A Money Tree prefers high humidity levels of around 50-60% and well-drained soil to grow correctly.

To prevent environmental stress on your Money Tree, consider investing in a good quality humidifier or placing a pebble tray filled with water near the plant. 

Additionally, ensure the pot has drainage holes so that excess water doesn’t accumulate at the bottom, leading to root rot and other issues.

Using fresh soil with proper nutrients for your Money Tree will also go a long way towards preventing environmental stresses from affecting your plant’s health.

How To Fix Brown Money Tree Leaves

Revive your beloved money tree by fixing its brown leaves with simple adjustments. 

Learn how to optimize watering habits, adjust light exposure, and treat pests or diseases for healthy foliage. 

Discover practical techniques to bring your money tree back to life.

Adjusting Watering Habits And Frequency

One of the most common causes of brown Money Tree leaves is improper watering habits. 

Overwatering or underwatering can cause stress to the plant, leading to brown spots and even root rot.

Adjust your watering frequency and habits based on the plant’s needs to fix this issue. 

Regularly check the soil moisture level by inserting your finger about an inch deep into the soil.

When you water your plant, thoroughly soak it until water starts draining from the bottom of the pot. 

Avoid leaving excess water in a saucer or tray underneath, as this can lead to stagnant water that can further damage roots.

Additionally, consider using well-draining soil that allows proper drainage and prevents standing water around roots.

Changing Light Exposure

Another reason your money tree leaves may turn brown is the amount of light they receive. 

If your plant is in direct sunlight, it could cause the leaves to scorch and turn brown.

To fix this issue, you’ll need to adjust the placement of your money tree. 

Consider moving it to a spot with bright indirect light instead of direct sun exposure. 

You can also occasionally rotate your plant so that all sides receive equal light.

Remember that consistent lighting conditions are essential for healthy plant growth patterns.

Treating Pests Or Diseases

If you suspect that pests or diseases are causing the brown leaves on your money tree plant, it’s important to act quickly to prevent further damage. 

The first step is to identify the type of pest or disease affecting your plant.

Common culprits include spider mites, whiteflies, and aphids.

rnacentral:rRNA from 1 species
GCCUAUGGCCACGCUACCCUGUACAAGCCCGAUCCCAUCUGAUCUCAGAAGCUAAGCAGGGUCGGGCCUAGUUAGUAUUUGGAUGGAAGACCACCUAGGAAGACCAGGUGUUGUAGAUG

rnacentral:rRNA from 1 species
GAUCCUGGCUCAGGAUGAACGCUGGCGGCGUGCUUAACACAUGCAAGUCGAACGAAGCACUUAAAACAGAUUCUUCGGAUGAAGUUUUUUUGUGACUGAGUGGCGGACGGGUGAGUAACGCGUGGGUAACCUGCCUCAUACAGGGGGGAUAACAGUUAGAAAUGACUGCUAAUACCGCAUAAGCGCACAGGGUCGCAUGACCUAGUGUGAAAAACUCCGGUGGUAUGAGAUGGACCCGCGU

To treat these pests, you can use an insecticidal soap or neem oil spray that targets them specifically. 

Be sure to follow instructions carefully and apply as directed. 

A fungicide may be necessary for fungal diseases like root rot or foliar blight.

By identifying and treating pests or diseases promptly, you can restore the health of your money tree plant before irreparable damage occurs.

Fertilizing The Soil

Fertilizing the soil is an important step in promoting healthy Money Tree leaves. 

The nutrients in the soil are essential for plant growth and development. 

Without them, your Money Tree may struggle to produce lush foliage.

When fertilizing your Money Tree, choosing a balanced fertilizer containing equal parts nitrogen, phosphorous, and potassium is important. 

You can apply liquid or granular fertilizer once every two months during the growing season (spring through summer).

Additionally, be sure not to use too much fertilizer at one time, as it can damage the roots of your plants. 

If you notice any signs of overfertilization, like leaf discoloration or browning near leaf tips or edges – scale back on using fertilizers until normalcy returns.

Preventative Measures For Healthy Money Tree Leaves

You can take several preventative measures to maintain the health of your money tree leaves. 

These include using appropriate soil that drains well, consistently watering your plant, adding humidity with a humidifier or pebble tray, regularly cleaning the leaves to prevent pests, and protecting the plant from temperature stress by placing it in bright indirect sunlight.